Initially a teaching nun and then a principal in the United States, Sister Dorothy’s work with the migrant community in Arizona earned flattering copy in the Arizona Republic. It was that work with the poor in the Southwest that whet her appetite to work with those who have little or nothing. She asked to be assigned as a missionary, and spent 30 years in Brazil, most of it helping that country’s poor stay alive, feed their families, and take steps toward fulfillment — both temporal and spiritual.

When Sister Dorothy arrived in 1966, the part of Brazil to which she was sent was best described as a feudal state controlled by a few families of landowners and politicians. When the missionaries put religious texts to Brazilian music, the authorities confiscated the song sheets and threw some priests in jail. Their crime? The lyrics said that God created all people equal. Obviously the ruling class couldn’t have that.

During Sister Dorothy’s three decades in Brazil, the government was encouraging large-scale settlement of the western Amazon. The mantra was “Land for Men for Men Without Land,” and the poor and the landless poured into the forest, felling trees and planting crops by the thousands of acres. Sister Dorothy was one of the missionaries who went west with them. She taught people about their rights, helped to establish farm workers’ unions, gave literacy classes, built a center to train teachers, started some little stores, a warehouse, a fruit processing plant, a community trading post, a women’s association that focused on health care.

It was when she fought for land reform that she ended up on a death list. She stood up for stewardship of the land, conservation and interdependence with nature. She developed a program — adopted by the government — that taught people an agriculture method that utilized the forest instead of cutting it down. She travelled to civic offices to secure the paperwork that would verify her people’s ownership of the tracts they had settled on and planted only to have corrupt politicians, police and the Brazilian military sit by and watch greedy ranchers send armed men to chase the poor off that same land.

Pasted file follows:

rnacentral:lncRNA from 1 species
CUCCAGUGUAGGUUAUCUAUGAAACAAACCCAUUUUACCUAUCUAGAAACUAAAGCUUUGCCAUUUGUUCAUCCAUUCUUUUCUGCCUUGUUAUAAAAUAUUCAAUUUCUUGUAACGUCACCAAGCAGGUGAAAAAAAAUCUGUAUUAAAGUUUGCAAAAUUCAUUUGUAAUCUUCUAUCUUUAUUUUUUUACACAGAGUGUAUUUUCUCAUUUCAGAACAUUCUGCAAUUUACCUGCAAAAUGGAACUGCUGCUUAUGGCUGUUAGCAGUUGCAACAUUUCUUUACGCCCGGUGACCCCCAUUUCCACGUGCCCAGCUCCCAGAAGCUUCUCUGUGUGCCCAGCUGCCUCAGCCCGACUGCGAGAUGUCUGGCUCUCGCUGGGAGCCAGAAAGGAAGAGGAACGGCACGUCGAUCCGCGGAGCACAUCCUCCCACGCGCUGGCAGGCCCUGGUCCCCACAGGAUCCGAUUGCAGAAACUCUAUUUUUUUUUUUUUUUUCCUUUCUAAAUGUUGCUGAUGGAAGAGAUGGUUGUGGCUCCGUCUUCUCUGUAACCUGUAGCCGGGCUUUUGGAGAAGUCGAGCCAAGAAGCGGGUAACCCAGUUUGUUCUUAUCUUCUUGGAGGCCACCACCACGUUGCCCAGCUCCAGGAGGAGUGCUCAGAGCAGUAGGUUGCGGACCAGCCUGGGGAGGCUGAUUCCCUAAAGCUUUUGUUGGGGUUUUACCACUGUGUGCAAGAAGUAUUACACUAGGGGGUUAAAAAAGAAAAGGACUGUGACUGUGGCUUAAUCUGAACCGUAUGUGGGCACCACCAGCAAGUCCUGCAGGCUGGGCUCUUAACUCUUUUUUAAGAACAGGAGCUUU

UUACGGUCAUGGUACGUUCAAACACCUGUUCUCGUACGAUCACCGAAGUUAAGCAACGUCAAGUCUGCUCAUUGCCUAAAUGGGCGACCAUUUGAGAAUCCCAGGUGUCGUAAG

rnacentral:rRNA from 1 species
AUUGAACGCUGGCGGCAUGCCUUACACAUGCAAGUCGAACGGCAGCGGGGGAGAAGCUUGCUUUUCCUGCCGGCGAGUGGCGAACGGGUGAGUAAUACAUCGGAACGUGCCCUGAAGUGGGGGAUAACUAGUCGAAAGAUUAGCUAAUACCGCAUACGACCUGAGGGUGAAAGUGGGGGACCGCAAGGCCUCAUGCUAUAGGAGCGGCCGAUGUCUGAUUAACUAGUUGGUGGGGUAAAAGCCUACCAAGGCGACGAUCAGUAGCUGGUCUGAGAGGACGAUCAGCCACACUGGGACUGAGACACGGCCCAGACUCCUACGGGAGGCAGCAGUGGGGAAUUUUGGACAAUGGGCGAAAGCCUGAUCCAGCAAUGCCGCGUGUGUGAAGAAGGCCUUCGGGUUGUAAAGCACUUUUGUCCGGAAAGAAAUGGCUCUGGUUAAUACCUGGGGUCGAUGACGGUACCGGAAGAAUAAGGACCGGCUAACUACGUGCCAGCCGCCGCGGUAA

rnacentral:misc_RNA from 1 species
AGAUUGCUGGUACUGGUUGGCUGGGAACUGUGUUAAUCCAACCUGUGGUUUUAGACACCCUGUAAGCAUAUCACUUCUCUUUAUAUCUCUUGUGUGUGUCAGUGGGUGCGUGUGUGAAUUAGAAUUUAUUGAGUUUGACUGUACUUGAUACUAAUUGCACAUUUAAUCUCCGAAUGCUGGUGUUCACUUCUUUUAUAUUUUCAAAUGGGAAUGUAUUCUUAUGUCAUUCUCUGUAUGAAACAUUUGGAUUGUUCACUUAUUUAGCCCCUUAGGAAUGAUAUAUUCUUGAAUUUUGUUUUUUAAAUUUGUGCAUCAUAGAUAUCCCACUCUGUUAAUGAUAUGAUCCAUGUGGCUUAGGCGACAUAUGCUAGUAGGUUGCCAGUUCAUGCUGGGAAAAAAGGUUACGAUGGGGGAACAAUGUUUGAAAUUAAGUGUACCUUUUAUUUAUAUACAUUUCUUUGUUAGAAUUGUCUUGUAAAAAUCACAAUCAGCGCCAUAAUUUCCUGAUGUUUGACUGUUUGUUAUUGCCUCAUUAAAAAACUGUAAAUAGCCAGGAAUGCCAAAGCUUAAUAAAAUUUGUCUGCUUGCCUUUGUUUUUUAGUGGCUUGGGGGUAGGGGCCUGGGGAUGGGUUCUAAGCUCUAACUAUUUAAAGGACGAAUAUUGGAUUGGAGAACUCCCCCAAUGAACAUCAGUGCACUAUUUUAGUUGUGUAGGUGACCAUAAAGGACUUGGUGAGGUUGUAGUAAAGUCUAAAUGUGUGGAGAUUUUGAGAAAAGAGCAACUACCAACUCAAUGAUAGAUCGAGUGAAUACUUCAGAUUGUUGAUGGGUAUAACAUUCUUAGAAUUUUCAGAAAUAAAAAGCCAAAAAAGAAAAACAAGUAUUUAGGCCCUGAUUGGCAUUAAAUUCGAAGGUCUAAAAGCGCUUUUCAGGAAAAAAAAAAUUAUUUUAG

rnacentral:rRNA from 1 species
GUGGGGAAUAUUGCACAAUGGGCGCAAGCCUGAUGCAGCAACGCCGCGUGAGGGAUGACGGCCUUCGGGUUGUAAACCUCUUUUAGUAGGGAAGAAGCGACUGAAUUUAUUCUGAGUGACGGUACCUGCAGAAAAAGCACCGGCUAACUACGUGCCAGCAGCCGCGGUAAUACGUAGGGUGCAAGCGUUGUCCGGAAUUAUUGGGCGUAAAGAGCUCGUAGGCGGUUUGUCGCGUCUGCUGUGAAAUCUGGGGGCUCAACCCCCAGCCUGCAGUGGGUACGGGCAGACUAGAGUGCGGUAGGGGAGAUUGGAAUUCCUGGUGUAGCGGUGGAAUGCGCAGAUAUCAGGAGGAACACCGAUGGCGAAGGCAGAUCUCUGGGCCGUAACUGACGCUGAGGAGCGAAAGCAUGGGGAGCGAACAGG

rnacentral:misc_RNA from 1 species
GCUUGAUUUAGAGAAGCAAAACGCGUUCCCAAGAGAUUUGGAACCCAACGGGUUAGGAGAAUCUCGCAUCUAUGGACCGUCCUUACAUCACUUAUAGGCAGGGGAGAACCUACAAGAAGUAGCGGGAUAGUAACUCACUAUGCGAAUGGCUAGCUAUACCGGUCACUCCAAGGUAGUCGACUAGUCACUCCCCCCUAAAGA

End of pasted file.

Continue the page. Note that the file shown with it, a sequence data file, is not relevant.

Her best friend, Joan, talks about Sister Dorothy Stang with these words:

“She was a strong woman,” Joan said, “but sometimes very obstinate. She had a soft voice that echoed through the halls of government offices and bounced off the giant trees of the forests, the same soft voice that could soothe an aching heart and assure someone that God loved them.”

She added, “Dot had a mind that could understand the laws of land reform, the intricacies of sustainable farming, the impact of the destruction of the forest on the world now and in the future, and the hope and conviction that one voice could make a difference.”

In June of 2004 the Brazilian Bar Association gave Sister Dorothy the Humanitarian of the Year Award. Nine months later, a paid gunman shot her down on a dirt road in the jungle. More people need to know about this heroine, so that her work continues. — bz